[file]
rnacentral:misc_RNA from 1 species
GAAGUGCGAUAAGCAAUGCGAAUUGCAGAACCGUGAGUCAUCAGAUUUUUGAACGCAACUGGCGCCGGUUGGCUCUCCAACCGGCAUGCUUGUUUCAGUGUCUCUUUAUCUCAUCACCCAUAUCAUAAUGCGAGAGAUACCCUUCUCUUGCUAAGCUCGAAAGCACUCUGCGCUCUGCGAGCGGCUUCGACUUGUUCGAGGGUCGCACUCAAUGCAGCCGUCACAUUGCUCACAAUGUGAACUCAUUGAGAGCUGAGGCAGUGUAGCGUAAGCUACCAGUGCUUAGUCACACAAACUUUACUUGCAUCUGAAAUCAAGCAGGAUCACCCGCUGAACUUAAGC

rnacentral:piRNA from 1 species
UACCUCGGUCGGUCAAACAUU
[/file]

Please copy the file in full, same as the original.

rnacentral:misc_RNA from 1 species
GAAGUGCGAUAAGCAAUGCGAAUUGCAGAACCGUGAGUCAUCAGAUUUUUGAACGCAACUGGCGCCGGUUGGCUCUCCAACCGGCAUGCUUGUUUCAGUGUCUCUUUAUCUCAUCACCCAUAUCAUAAUGCGAGAGAUACCCUUCUCUUGCUAAGCUCGAAAGCACUCUGCGCUCUGCGAGCGGCUUCGACUUGUUCGAGGGUCGCACUCAAUGCAGCCGUCACAUUGCUCACAAUGUGAACUCAUUGAGAGCUGAGGCAGUGUAGCGUAAGCUACCAGUGCUUAGUCACACAAACUUUACUUGCAUCUGAAAUCAAGCAGGAUCACCCGCUGAACUUAAGC

rnacentral:piRNA from 1 species
UACCUCGGUCGGUCAAACAUU